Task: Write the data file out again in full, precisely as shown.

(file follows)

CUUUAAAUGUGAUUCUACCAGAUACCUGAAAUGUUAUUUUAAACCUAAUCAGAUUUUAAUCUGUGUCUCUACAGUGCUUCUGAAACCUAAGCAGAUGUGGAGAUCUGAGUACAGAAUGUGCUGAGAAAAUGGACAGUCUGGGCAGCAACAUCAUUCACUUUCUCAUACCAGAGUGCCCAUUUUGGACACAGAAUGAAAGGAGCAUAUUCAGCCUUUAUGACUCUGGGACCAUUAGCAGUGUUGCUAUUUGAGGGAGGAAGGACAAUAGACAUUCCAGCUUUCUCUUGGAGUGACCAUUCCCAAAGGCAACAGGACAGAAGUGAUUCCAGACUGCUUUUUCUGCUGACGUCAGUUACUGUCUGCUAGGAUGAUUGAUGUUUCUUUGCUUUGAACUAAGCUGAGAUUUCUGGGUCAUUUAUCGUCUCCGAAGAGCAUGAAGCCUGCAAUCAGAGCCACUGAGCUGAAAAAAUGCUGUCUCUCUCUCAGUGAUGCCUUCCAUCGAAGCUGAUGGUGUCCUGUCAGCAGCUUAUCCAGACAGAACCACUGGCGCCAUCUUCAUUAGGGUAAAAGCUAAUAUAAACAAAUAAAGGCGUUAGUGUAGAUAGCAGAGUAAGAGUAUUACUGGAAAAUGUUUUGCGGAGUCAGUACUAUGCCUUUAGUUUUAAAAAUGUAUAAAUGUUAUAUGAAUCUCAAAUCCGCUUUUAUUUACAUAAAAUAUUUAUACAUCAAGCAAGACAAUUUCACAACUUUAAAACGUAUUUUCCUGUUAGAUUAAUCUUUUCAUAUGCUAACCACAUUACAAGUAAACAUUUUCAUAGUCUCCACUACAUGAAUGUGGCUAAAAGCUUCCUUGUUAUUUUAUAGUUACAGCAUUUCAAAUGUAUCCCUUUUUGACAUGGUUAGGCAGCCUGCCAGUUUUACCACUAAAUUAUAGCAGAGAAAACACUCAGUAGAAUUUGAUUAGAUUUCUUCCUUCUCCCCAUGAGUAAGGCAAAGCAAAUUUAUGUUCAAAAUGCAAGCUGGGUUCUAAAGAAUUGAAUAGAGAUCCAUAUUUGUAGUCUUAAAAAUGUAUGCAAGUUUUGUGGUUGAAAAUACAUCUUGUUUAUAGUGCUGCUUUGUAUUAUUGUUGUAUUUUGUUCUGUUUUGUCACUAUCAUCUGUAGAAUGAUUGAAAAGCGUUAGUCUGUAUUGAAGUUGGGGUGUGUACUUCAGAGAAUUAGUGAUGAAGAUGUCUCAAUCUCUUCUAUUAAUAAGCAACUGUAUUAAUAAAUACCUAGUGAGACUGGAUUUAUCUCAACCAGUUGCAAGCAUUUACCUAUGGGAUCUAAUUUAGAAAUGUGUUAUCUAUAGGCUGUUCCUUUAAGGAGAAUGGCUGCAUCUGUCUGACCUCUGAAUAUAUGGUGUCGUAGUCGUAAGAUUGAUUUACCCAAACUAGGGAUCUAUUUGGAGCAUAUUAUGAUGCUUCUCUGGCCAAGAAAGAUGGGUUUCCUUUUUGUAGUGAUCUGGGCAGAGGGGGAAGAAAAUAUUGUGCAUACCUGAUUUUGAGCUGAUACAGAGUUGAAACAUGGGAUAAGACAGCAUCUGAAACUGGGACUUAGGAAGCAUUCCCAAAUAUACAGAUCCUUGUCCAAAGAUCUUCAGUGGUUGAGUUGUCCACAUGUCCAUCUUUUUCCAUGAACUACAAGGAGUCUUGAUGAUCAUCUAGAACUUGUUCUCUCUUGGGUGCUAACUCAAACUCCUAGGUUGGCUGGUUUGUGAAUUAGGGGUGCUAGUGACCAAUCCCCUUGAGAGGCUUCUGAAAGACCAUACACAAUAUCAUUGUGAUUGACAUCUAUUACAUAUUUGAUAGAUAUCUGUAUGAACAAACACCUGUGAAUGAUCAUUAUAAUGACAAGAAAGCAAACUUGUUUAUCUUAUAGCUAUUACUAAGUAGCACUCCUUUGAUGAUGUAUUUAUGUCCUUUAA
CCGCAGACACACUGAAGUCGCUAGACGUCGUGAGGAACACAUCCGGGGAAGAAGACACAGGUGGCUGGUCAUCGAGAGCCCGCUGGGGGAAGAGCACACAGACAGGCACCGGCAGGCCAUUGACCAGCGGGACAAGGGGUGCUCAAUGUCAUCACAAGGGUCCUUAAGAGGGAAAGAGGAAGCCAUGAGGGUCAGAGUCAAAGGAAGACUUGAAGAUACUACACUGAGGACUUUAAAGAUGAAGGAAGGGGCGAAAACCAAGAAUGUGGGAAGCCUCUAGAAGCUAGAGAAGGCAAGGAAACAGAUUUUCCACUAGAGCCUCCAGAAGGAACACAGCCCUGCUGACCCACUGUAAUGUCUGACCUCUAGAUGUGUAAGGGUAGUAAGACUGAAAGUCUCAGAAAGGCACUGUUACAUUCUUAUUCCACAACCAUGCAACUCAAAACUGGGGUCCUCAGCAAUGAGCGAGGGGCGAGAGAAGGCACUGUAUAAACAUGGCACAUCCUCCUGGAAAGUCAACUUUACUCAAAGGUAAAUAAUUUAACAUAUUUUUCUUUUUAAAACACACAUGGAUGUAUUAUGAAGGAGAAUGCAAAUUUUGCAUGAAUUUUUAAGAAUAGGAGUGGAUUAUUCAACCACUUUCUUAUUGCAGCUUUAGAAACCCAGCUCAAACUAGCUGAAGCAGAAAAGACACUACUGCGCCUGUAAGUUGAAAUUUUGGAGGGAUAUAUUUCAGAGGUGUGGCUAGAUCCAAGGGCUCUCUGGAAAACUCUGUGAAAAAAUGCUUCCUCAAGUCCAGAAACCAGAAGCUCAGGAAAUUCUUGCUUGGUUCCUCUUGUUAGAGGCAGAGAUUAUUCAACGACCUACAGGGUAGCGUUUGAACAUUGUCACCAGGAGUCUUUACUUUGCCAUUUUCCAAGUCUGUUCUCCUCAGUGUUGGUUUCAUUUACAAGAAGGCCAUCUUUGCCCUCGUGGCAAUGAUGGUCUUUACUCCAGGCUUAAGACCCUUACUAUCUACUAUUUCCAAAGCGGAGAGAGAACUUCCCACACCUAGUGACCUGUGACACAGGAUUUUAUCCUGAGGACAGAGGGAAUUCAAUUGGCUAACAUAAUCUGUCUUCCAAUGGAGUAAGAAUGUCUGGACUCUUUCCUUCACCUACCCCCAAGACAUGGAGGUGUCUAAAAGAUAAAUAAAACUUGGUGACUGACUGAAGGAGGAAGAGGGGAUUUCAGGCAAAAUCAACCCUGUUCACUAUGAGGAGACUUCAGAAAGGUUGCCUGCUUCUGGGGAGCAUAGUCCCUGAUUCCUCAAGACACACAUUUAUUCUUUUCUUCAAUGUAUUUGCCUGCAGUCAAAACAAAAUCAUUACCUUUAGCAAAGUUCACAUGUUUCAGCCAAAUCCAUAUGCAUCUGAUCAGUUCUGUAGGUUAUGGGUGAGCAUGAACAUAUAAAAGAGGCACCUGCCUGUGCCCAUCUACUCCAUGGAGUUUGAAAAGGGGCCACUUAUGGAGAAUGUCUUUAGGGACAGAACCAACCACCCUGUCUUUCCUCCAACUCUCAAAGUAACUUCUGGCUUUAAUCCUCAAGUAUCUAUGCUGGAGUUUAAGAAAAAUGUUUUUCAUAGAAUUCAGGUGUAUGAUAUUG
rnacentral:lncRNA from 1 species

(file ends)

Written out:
CUUUAAAUGUGAUUCUACCAGAUACCUGAAAUGUUAUUUUAAACCUAAUCAGAUUUUAAUCUGUGUCUCUACAGUGCUUCUGAAACCUAAGCAGAUGUGGAGAUCUGAGUACAGAAUGUGCUGAGAAAAUGGACAGUCUGGGCAGCAACAUCAUUCACUUUCUCAUACCAGAGUGCCCAUUUUGGACACAGAAUGAAAGGAGCAUAUUCAGCCUUUAUGACUCUGGGACCAUUAGCAGUGUUGCUAUUUGAGGGAGGAAGGACAAUAGACAUUCCAGCUUUCUCUUGGAGUGACCAUUCCCAAAGGCAACAGGACAGAAGUGAUUCCAGACUGCUUUUUCUGCUGACGUCAGUUACUGUCUGCUAGGAUGAUUGAUGUUUCUUUGCUUUGAACUAAGCUGAGAUUUCUGGGUCAUUUAUCGUCUCCGAAGAGCAUGAAGCCUGCAAUCAGAGCCACUGAGCUGAAAAAAUGCUGUCUCUCUCUCAGUGAUGCCUUCCAUCGAAGCUGAUGGUGUCCUGUCAGCAGCUUAUCCAGACAGAACCACUGGCGCCAUCUUCAUUAGGGUAAAAGCUAAUAUAAACAAAUAAAGGCGUUAGUGUAGAUAGCAGAGUAAGAGUAUUACUGGAAAAUGUUUUGCGGAGUCAGUACUAUGCCUUUAGUUUUAAAAAUGUAUAAAUGUUAUAUGAAUCUCAAAUCCGCUUUUAUUUACAUAAAAUAUUUAUACAUCAAGCAAGACAAUUUCACAACUUUAAAACGUAUUUUCCUGUUAGAUUAAUCUUUUCAUAUGCUAACCACAUUACAAGUAAACAUUUUCAUAGUCUCCACUACAUGAAUGUGGCUAAAAGCUUCCUUGUUAUUUUAUAGUUACAGCAUUUCAAAUGUAUCCCUUUUUGACAUGGUUAGGCAGCCUGCCAGUUUUACCACUAAAUUAUAGCAGAGAAAACACUCAGUAGAAUUUGAUUAGAUUUCUUCCUUCUCCCCAUGAGUAAGGCAAAGCAAAUUUAUGUUCAAAAUGCAAGCUGGGUUCUAAAGAAUUGAAUAGAGAUCCAUAUUUGUAGUCUUAAAAAUGUAUGCAAGUUUUGUGGUUGAAAAUACAUCUUGUUUAUAGUGCUGCUUUGUAUUAUUGUUGUAUUUUGUUCUGUUUUGUCACUAUCAUCUGUAGAAUGAUUGAAAAGCGUUAGUCUGUAUUGAAGUUGGGGUGUGUACUUCAGAGAAUUAGUGAUGAAGAUGUCUCAAUCUCUUCUAUUAAUAAGCAACUGUAUUAAUAAAUACCUAGUGAGACUGGAUUUAUCUCAACCAGUUGCAAGCAUUUACCUAUGGGAUCUAAUUUAGAAAUGUGUUAUCUAUAGGCUGUUCCUUUAAGGAGAAUGGCUGCAUCUGUCUGACCUCUGAAUAUAUGGUGUCGUAGUCGUAAGAUUGAUUUACCCAAACUAGGGAUCUAUUUGGAGCAUAUUAUGAUGCUUCUCUGGCCAAGAAAGAUGGGUUUCCUUUUUGUAGUGAUCUGGGCAGAGGGGGAAGAAAAUAUUGUGCAUACCUGAUUUUGAGCUGAUACAGAGUUGAAACAUGGGAUAAGACAGCAUCUGAAACUGGGACUUAGGAAGCAUUCCCAAAUAUACAGAUCCUUGUCCAAAGAUCUUCAGUGGUUGAGUUGUCCACAUGUCCAUCUUUUUCCAUGAACUACAAGGAGUCUUGAUGAUCAUCUAGAACUUGUUCUCUCUUGGGUGCUAACUCAAACUCCUAGGUUGGCUGGUUUGUGAAUUAGGGGUGCUAGUGACCAAUCCCCUUGAGAGGCUUCUGAAAGACCAUACACAAUAUCAUUGUGAUUGACAUCUAUUACAUAUUUGAUAGAUAUCUGUAUGAACAAACACCUGUGAAUGAUCAUUAUAAUGACAAGAAAGCAAACUUGUUUAUCUUAUAGCUAUUACUAAGUAGCACUCCUUUGAUGAUGUAUUUAUGUCCUUUAA
CCGCAGACACACUGAAGUCGCUAGACGUCGUGAGGAACACAUCCGGGGAAGAAGACACAGGUGGCUGGUCAUCGAGAGCCCGCUGGGGGAAGAGCACACAGACAGGCACCGGCAGGCCAUUGACCAGCGGGACAAGGGGUGCUCAAUGUCAUCACAAGGGUCCUUAAGAGGGAAAGAGGAAGCCAUGAGGGUCAGAGUCAAAGGAAGACUUGAAGAUACUACACUGAGGACUUUAAAGAUGAAGGAAGGGGCGAAAACCAAGAAUGUGGGAAGCCUCUAGAAGCUAGAGAAGGCAAGGAAACAGAUUUUCCACUAGAGCCUCCAGAAGGAACACAGCCCUGCUGACCCACUGUAAUGUCUGACCUCUAGAUGUGUAAGGGUAGUAAGACUGAAAGUCUCAGAAAGGCACUGUUACAUUCUUAUUCCACAACCAUGCAACUCAAAACUGGGGUCCUCAGCAAUGAGCGAGGGGCGAGAGAAGGCACUGUAUAAACAUGGCACAUCCUCCUGGAAAGUCAACUUUACUCAAAGGUAAAUAAUUUAACAUAUUUUUCUUUUUAAAACACACAUGGAUGUAUUAUGAAGGAGAAUGCAAAUUUUGCAUGAAUUUUUAAGAAUAGGAGUGGAUUAUUCAACCACUUUCUUAUUGCAGCUUUAGAAACCCAGCUCAAACUAGCUGAAGCAGAAAAGACACUACUGCGCCUGUAAGUUGAAAUUUUGGAGGGAUAUAUUUCAGAGGUGUGGCUAGAUCCAAGGGCUCUCUGGAAAACUCUGUGAAAAAAUGCUUCCUCAAGUCCAGAAACCAGAAGCUCAGGAAAUUCUUGCUUGGUUCCUCUUGUUAGAGGCAGAGAUUAUUCAACGACCUACAGGGUAGCGUUUGAACAUUGUCACCAGGAGUCUUUACUUUGCCAUUUUCCAAGUCUGUUCUCCUCAGUGUUGGUUUCAUUUACAAGAAGGCCAUCUUUGCCCUCGUGGCAAUGAUGGUCUUUACUCCAGGCUUAAGACCCUUACUAUCUACUAUUUCCAAAGCGGAGAGAGAACUUCCCACACCUAGUGACCUGUGACACAGGAUUUUAUCCUGAGGACAGAGGGAAUUCAAUUGGCUAACAUAAUCUGUCUUCCAAUGGAGUAAGAAUGUCUGGACUCUUUCCUUCACCUACCCCCAAGACAUGGAGGUGUCUAAAAGAUAAAUAAAACUUGGUGACUGACUGAAGGAGGAAGAGGGGAUUUCAGGCAAAAUCAACCCUGUUCACUAUGAGGAGACUUCAGAAAGGUUGCCUGCUUCUGGGGAGCAUAGUCCCUGAUUCCUCAAGACACACAUUUAUUCUUUUCUUCAAUGUAUUUGCCUGCAGUCAAAACAAAAUCAUUACCUUUAGCAAAGUUCACAUGUUUCAGCCAAAUCCAUAUGCAUCUGAUCAGUUCUGUAGGUUAUGGGUGAGCAUGAACAUAUAAAAGAGGCACCUGCCUGUGCCCAUCUACUCCAUGGAGUUUGAAAAGGGGCCACUUAUGGAGAAUGUCUUUAGGGACAGAACCAACCACCCUGUCUUUCCUCCAACUCUCAAAGUAACUUCUGGCUUUAAUCCUCAAGUAUCUAUGCUGGAGUUUAAGAAAAAUGUUUUUCAUAGAAUUCAGGUGUAUGAUAUUG
rnacentral:lncRNA from 1 species